Special to the Tribune-Star
TERRE HAUTE —
On Saturday, about 40 Wabash Valley master gardeners set off on a garden tour through Vigo and Clay counties. It is an annual event that has been taking place since 2003.
The first stop on the tour took place in western Vigo County at Ivy Tech professor John Rosene’s home.
The crowd oohed and aahed over the undertaking that went into making his property look the way it does. The driveway is lined by a wooden fence accompanied by a multitude of colorful flowers. Inside the fenced-in area are a handful of well-kept raised beds, filled with vegetables in bloom. Chickens roam free in a hoop house chicken coop.
The vegetable garden and chicken coop area was only a tease of what visitors could expect. Around the corner sat a coy pond with a rushing waterfall. Only a few feet away was another round garden, not edged with the traditional bricks or stones but with a working miniature railroad track. For a special touch, the train running on the track carried garden gloves and clippers on one of the cabooses.
“Some people said to me, ‘I really love the railroad track; the track was really interesting.’ I wouldn't have guessed that somebody would find that the highlight of what they saw,” Rosene said.
A trail led the crowd to a creek bed below, as Rosene talked about the invasive plants he has pulled out and the native plants he has worked back into the landscape. It has taken Rosene and his family 22 years to get his property in the condition it is in today.
“We literally finished this morning,” Rosene said. “I have got to tell you, for anybody that is on the garden tour, or wants to be on the garden tour, it is a lot of work. I think everybody looks at their garden and says, ‘You know, this is good enough for me today,’ but when you expect to have 40 people, your expectations for how your garden should look get elevated to a completely different level.”
The second stop on the tour took visitors behind secured walls at the federal penitentiary. It was there visitors got to see first hand how inmates were learning to provide food for themselves by gardening.
“The scale was much more than I expected,” bronze level master gardener Kathleen Hutton said. “I expected a few little raised beds and a beginning garden appearance. It looked like a professional farming operation.”
“I live across from both prisons in Oak Grove, and I see the guys when they are out along the road doing stuff, but I had no idea that it is like a huge working farm,” prospective master gardener Jackie Powell said. “I didn’t know it was back there. You can’t see it from the road.”
The garden at the federal penitentiary goes far beyond what the eye can see. There are rows and rows of fruits and vegetables, each weeded and watered by hand. The food grown is used to feed the inmates. There are even plans in the works to preserve food that cannot be eaten immediately so it can be consumed during the winter months.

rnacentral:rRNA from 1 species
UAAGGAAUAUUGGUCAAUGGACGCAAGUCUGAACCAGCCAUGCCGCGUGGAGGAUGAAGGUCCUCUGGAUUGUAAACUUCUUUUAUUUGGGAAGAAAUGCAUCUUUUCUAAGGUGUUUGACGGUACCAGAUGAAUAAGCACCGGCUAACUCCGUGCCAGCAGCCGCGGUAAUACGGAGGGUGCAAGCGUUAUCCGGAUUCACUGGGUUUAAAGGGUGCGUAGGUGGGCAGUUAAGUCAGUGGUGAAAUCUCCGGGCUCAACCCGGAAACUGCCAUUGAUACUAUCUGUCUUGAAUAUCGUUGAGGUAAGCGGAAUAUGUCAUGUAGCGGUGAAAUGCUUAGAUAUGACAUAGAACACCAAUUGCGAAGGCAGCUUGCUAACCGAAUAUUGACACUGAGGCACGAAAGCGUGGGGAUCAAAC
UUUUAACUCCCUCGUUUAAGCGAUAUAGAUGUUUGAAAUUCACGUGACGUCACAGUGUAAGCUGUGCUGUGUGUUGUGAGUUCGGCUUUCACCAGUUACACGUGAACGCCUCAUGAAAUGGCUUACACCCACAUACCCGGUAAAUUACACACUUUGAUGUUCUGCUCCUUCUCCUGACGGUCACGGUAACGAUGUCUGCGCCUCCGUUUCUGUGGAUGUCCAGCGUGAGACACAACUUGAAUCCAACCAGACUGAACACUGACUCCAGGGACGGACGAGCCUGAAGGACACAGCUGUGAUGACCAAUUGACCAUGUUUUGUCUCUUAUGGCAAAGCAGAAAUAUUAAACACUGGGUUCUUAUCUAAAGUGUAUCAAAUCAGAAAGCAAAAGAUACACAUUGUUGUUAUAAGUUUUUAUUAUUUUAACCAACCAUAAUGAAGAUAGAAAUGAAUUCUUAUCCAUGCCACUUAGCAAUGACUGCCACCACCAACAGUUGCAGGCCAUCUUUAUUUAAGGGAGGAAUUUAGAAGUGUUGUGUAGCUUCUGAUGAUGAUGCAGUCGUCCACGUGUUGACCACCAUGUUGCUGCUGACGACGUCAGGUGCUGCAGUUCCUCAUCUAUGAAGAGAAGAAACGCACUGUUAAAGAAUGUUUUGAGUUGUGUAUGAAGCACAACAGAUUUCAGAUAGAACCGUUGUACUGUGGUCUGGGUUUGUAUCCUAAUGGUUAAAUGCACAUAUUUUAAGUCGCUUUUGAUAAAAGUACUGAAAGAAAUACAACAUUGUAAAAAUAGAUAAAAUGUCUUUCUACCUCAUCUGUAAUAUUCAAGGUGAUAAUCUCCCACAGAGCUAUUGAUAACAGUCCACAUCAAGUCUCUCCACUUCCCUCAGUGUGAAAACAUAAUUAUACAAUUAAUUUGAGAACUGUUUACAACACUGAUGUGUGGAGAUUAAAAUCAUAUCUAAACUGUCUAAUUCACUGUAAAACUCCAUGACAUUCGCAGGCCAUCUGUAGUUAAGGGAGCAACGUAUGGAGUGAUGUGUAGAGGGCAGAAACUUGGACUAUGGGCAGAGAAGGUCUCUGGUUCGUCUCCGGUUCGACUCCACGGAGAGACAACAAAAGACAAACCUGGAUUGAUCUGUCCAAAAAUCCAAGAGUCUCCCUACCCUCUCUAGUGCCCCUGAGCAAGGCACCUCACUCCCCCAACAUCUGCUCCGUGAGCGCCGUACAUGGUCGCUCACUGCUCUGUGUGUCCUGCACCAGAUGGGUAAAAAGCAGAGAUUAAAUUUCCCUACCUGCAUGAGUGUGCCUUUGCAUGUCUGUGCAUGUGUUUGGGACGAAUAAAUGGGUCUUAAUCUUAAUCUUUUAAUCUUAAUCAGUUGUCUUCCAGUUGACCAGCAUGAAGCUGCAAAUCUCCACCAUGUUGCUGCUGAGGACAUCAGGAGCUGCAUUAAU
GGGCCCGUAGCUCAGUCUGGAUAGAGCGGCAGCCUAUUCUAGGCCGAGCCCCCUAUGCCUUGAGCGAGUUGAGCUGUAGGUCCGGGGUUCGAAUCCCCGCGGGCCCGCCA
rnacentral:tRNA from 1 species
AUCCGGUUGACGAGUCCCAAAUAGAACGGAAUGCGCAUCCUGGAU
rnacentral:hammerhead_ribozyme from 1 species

“I think it is wonderful,” Powell said. “It keeps them occupied. I am sure it is rehabilitative. Think about how good it is for our soul to be out working in the dirt. To some of us it is kind of spiritual with the whole cycle-of-life thing. It is a win-win food-wise and for their own personal growth.”
On the other side of the road separating the fruit and garden field sits a metal building. Inside is a tilapia farm where inmates are learning how to grow fish for their own consumption. There are storage tanks for each stage of the tilapia’s life. Some fish are as small as a pencil eraser to as long as half an arm.
The third stop on the tour was Ruth Johnson’s home in southern Vigo County. Johnson describes her property as a hodgepodge of flower beds that concentrate on birds, butterflies and bees. Practically everything on Ruth’s property is old-fashioned or native perennial. Master gardeners had the chance to learn about each plant they didn’t recognize and were able to ask questions on the spot.
“They have all been saying how beautiful it is, and the neighbors have been saying how much they like it, so that is encouragement,” Johnson said.
The tour concluded in Clay County at Bill Hiatt’s property. Hiatt became a master gardener in 2006, but by the looks of his property he has had a green thumb longer than his membership.
“I change it around every year or two. It is always a work in progress. You are never done with it,” Hiatt said.
His property inhabits around seven acres of lush landscape. A gentle slope follows behind his house with a babbling brook on one side and an assortment of roses, plants and trees on the other. Dead center, looking out from his pool, is an iron gazebo.
“I always feel like I am in a park,” Hiatt said. “To me, if this is where you are going to spend most of your time, I wanted something nice and the wife did, too.”
Every year the Wabash Valley Master Gardeners Garde Tour offers something new and different. Every garden has its little surprises at every turn. Kathleen Hutton said it’s amazing how master gardeners can work so hard together in the community, in the community gardens and find time to work on their own gardens with such intensity.
“The upkeep and variety is amazing,” Hutton said.
To find out more on how to become a Master Gardener contact Jim Luzar at the Vigo County Purdue Extension office at 812-462-3371.